Is Opposing Contraception Denying Women Preventive Care?

According to ObamaCare supporters, it’s “religious whackos,” such as the Little Sisters of the Poor, that “have a problem with modern medicine.” who want “to deny women preventative care.”

We’ll ignore the “religious wacko” smear.  Jesus warned us, after all, that his followers would “be hated by all because of my name” (Mark 10:22).

But let’s examine the assertion that opposing contraception is denying women “preventive care?”

According to the Centers for Disease Control & Prevention:

  • Failure rate for the pill, the patch, and the ring is 9%. So . . . the odds are that every 11 times a woman on the pill or patch has sex, she’s going to get pregnant.
  • Failure rate for injection/shots is 6%, so every 16 times a woman on injection has sex, the odds are she gets pregnant.

Plus, World Health Organization says the active ingredient in the pill is a Class I carcinogen.

More from the CDC:

  • Failure rate for the diaphragm or cervical cap is 12%. So every 8 times a woman with a diaphragm has sex, the odds are she’ll get pregnant.
  • Failure rate for the male condom is 18%, for the female condom, 21%.  Figure every five times a woman relying upon these products has sex, she’s likely to get pregnant.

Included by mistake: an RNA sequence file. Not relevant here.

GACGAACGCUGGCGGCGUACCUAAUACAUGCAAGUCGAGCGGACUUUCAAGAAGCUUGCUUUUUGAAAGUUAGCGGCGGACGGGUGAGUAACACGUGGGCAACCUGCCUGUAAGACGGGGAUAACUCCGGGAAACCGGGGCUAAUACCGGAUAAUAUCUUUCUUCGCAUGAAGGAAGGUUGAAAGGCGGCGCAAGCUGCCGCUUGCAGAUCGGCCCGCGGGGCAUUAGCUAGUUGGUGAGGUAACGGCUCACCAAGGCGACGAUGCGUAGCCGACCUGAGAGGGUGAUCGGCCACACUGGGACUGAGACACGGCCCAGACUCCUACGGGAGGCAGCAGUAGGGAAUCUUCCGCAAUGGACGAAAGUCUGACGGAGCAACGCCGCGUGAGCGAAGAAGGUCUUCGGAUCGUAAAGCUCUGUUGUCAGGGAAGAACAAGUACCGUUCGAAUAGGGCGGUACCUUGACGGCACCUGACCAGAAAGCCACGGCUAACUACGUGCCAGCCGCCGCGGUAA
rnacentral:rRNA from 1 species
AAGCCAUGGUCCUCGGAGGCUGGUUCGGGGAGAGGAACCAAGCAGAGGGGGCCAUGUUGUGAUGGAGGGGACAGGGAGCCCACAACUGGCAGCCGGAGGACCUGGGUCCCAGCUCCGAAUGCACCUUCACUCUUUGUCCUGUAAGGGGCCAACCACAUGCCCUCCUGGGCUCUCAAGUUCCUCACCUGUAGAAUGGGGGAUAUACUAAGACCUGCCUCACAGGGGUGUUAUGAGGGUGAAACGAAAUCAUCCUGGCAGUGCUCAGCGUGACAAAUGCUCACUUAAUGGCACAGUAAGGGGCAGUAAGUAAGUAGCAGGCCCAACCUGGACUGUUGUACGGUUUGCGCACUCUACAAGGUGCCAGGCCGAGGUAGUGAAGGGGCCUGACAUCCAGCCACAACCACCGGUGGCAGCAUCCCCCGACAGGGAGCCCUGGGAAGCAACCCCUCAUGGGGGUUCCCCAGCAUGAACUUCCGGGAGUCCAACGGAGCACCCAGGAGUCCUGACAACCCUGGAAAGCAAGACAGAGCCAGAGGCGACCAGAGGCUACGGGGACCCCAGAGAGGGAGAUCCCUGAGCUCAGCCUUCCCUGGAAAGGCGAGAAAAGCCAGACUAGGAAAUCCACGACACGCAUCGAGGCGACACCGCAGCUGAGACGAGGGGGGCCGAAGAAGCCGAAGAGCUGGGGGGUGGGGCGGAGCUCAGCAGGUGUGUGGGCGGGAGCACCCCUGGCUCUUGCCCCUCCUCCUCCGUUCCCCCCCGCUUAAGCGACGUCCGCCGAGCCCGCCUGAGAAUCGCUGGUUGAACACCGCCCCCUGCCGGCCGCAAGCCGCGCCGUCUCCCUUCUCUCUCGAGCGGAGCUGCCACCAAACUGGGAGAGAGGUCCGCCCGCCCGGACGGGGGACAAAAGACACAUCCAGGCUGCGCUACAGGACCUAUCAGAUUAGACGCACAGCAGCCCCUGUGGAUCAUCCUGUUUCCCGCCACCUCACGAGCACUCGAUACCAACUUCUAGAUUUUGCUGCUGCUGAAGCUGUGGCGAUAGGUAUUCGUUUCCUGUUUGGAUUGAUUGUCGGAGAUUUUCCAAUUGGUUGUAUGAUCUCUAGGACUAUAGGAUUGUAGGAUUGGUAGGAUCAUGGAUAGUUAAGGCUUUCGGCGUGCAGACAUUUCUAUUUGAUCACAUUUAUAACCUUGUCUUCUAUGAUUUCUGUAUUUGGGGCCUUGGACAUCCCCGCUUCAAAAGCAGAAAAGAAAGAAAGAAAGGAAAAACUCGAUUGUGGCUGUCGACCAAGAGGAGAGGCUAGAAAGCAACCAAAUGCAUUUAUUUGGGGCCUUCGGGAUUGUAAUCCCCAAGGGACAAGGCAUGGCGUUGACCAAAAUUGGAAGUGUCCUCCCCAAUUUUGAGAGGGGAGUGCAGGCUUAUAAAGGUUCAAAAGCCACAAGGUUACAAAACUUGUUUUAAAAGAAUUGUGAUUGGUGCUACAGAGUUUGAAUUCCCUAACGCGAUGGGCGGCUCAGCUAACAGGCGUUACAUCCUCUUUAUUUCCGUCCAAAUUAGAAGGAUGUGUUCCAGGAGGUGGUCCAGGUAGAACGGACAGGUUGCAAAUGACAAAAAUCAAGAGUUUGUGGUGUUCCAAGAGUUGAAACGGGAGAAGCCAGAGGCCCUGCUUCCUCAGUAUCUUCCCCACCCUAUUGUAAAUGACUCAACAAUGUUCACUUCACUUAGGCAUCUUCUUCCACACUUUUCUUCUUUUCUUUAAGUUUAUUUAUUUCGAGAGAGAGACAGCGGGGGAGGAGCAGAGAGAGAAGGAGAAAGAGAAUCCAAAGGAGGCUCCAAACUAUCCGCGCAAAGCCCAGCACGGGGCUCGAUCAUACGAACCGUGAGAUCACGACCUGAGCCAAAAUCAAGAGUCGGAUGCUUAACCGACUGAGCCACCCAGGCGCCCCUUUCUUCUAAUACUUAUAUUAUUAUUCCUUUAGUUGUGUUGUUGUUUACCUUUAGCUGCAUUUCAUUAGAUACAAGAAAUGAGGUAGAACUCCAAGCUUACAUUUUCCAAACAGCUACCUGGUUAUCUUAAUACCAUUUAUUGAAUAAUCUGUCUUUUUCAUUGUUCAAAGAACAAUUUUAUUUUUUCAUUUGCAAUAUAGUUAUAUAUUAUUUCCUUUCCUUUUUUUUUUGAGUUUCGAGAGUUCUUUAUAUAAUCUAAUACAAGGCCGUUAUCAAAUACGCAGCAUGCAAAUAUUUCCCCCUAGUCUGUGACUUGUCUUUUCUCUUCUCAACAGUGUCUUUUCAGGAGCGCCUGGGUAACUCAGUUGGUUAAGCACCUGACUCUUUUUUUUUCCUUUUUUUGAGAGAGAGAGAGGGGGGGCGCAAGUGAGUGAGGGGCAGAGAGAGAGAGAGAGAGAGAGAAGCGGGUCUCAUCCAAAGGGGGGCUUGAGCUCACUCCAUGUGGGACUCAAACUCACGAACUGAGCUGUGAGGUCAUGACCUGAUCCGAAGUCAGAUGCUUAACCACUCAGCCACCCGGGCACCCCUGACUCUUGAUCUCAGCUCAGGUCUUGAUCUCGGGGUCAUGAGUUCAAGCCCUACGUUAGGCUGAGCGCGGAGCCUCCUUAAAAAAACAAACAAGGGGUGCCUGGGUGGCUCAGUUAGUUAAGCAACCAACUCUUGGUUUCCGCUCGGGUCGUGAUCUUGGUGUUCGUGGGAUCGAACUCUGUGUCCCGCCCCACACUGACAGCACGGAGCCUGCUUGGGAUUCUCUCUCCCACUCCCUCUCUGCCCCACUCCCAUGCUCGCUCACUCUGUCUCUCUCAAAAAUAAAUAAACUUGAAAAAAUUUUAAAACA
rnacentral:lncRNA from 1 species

• Failure rate for spermicides is 28% — odds are one in every 3.6 sexual episodes will result in pregnancy.

If this is preventive care, you, dear reader, must be the Pope.

Now consider this:

The Creighton method of natural family planning is 99.5% effective at preventing pregnancy for those who follow all the rules, 96.8% effective for the typical user.  In other words, the odds of a woman who doesn’t want to get pregnant is 1 in every 200 sexual episodes if she follows all the rules.  For the typical user of the Creighton method, the odds are one in every 31.25 episodes.

Who’s denying women effective preventive care?  “Religious wackos,” like the Little Sisters of the Poor and those promoting modern natural family planning?  Or those who profit from selling pills that don’t work, barriers that don’t work and spermicides that don’t work — and those who rake in campaign cash by using government to promote their products?


About Joel Whitaker

Joel Whitaker is a long-time professional journalist (Tampa Bay Times, Wall Street Journal, Philadelphia Bulletin, Institutional Investor, executive newsletters) and Catholic convert. He is the RCIA coordinator for his parish.
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